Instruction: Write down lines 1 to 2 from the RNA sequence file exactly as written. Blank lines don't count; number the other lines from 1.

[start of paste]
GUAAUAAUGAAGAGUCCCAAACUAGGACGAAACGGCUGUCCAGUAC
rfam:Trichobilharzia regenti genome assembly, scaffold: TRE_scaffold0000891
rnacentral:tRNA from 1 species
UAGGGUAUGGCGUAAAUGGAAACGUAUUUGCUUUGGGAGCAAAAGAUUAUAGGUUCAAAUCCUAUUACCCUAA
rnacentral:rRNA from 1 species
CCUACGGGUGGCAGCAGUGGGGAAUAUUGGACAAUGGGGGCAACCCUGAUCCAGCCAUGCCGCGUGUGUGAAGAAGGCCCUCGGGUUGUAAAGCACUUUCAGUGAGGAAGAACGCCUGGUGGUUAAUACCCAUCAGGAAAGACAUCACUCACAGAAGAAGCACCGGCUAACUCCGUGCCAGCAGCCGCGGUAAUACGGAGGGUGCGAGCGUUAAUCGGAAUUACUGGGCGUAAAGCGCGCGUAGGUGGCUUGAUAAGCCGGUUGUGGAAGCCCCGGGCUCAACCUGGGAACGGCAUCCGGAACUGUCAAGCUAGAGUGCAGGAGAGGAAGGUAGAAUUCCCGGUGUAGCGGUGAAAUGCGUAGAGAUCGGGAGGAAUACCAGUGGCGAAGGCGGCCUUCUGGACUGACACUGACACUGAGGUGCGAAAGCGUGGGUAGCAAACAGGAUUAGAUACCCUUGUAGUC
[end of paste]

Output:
GUAAUAAUGAAGAGUCCCAAACUAGGACGAAACGGCUGUCCAGUAC
rfam:Trichobilharzia regenti genome assembly, scaffold: TRE_scaffold0000891